In this final part, we look into the role unions and the need for human judgement play in keeping trains from being universally automated.
In last week’s blog post, we asked why there’s little media excitement around automated trains. We’ll be answering that question today, but first, a quick recap.
In the previous post, we mentioned that the technology to automate trains systems and networks has existed for decades. The technology even allows for different levels of automation which is already in use to varying degrees around the world.
It’s curious then that there isn’t the same zeal to make fully automated trains the standard rather than the exception around the world. As mentioned before, many companies are pushing hard for robot cars, trucks and ships, so why are trains different?
There are two answers to this question—strong unions and the need for human judgement.
No One Wants to Lose Their Job
In an online article by Wired.com, writer Damon Lavrinc asks Dr David Clarke, director of the University of Tennessee Center for Transportation Research Center, what’s holding automated trains back. Clark replies that train operators make it hard politically:
Organized labor doesn’t like the idea of losing the jobs of its members to driverless trains.There has been push back with the allegation of safety issues. Politically, that makes it hard to implement.
Reddit user dunnkw, who says he’s a BNSF Railway Locomotive Engineer for the last 10 years, echoes this issue in a Reddit thread on the same topic.
The first answer to your question is that the Brotherhood of Locomotive Engineers and Trainmen (Engineers Union) is the oldest in the country at 152 years and we have fought tooth and nail to keep our jobs.
This sentiment from the union goes beyond simple preservation, however. The strongest case in favour of making train automation universal has to do with safety concerns. Basically, no current AI can keep your typical commercial train safe.
The Human Touch
There’s a reason why existing automated trains are confined to isolated areas and why they don’t intersect with major lines. These systems generally have little to no obstacle detection. It’s why they’re closed off. Open lines need people at the controls to make the necessary snap-decisions when it comes to unforeseeable circumstances. Even then, it takes years of specialized training to recognize various problems that can occur and the best solutions.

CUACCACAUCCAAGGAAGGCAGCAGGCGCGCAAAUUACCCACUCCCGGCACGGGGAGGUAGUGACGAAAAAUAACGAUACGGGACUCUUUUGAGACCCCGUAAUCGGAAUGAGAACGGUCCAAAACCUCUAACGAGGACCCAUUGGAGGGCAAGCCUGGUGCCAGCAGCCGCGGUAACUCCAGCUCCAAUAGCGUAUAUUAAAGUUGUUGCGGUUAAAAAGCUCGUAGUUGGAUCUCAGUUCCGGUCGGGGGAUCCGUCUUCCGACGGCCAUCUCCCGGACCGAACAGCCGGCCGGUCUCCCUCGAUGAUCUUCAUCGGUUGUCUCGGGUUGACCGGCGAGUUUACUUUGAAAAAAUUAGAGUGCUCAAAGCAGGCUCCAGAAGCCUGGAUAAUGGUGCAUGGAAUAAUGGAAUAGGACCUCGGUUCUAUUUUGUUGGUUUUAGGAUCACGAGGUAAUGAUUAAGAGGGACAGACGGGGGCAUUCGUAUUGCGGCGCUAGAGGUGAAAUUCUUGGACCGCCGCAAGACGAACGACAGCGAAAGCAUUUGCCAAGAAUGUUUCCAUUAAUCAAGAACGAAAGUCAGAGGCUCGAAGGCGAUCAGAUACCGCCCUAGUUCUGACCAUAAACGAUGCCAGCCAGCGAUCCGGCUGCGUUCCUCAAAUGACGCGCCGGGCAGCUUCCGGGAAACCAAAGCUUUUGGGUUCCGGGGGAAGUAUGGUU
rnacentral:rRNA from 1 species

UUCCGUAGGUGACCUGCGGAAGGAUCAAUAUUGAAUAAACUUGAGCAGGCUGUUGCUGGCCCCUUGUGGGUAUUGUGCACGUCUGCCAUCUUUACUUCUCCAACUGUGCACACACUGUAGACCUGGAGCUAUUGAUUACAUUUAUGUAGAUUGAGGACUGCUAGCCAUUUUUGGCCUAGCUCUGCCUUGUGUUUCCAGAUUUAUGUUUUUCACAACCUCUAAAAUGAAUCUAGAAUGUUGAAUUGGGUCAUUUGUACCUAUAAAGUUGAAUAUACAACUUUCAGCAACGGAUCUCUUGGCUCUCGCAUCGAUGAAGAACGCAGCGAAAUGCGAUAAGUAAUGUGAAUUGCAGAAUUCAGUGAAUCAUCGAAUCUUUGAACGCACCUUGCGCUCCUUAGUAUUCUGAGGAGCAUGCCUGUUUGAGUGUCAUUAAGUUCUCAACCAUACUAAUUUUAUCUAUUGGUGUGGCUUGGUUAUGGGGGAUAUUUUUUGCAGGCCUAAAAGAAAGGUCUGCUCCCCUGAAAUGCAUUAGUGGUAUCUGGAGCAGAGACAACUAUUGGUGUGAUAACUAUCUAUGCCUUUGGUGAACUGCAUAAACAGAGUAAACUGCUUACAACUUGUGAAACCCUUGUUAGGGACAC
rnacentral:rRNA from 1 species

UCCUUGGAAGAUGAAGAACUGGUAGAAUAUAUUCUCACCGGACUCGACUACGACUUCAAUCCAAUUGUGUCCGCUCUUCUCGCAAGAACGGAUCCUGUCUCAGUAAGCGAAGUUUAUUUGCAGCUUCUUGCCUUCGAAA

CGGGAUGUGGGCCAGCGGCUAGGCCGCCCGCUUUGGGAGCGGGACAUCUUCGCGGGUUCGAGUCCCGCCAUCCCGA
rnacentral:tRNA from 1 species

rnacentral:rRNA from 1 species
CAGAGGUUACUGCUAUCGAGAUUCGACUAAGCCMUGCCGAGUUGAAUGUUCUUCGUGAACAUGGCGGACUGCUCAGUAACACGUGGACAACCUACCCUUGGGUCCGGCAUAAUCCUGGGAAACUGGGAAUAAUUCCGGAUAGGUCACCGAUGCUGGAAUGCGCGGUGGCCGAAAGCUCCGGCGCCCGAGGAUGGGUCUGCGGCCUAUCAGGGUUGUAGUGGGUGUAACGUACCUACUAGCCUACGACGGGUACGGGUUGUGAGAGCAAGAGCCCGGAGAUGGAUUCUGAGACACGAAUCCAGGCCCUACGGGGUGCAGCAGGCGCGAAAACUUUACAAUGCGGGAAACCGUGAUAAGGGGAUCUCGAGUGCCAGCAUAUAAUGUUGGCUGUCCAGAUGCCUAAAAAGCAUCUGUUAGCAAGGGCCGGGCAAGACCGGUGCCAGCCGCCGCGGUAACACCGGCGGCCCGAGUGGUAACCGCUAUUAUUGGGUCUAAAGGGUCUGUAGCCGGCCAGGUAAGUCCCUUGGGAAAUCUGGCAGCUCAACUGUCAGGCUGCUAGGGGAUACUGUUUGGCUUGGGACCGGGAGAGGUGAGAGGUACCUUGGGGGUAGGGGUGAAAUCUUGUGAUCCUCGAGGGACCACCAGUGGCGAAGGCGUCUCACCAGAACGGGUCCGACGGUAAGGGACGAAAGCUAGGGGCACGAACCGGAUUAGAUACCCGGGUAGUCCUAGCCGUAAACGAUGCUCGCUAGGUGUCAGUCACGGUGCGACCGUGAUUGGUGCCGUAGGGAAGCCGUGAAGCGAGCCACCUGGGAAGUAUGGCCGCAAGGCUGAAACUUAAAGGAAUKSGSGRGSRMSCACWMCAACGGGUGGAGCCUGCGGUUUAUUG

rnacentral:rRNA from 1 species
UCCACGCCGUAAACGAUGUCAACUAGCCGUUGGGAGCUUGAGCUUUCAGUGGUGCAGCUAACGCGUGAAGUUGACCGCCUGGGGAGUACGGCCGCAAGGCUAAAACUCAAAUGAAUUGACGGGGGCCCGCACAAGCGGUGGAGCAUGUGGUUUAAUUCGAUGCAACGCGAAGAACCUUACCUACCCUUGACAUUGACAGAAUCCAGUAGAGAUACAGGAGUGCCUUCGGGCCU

This is an issue recognized by the public. Fear of automated cars and ships is a problem affecting other driverless technology as well.
Some companies are trying to fix these issues. For example, tech conglomerate giant Siemens issued a press release detailing ways to improve driverless train technology. A robust safety outline is included in the release.
Some policy highlights are:
- The trains are equipped with surveillance cameras throughout. The video images are transmitted to the control centre by means of a radio LAN. This enables incidents to be registered directly by the control center and countermeasures to be initiated.
- If a fire should break out in the car, the installed smoke detector and temperature sensors become active. They detect hazards as they arise. The sensors trigger an alarm in the control centre and the train is stopped automatically at the next station, where personnel can investigate the cause of the fire alarm.
- A public-address system in the passenger area serves for the announcement of operational and traffic information. Besides advising passengers in an emergency, it is used to supply passengers with general information.
There’s a long road ahead before robots can transport us across land, sea and air without issues. Although trains are further advanced and seemingly a more obvious choice than other transportation systems, an old adage rings true—”if it ain’t broke, don’t fix it.”
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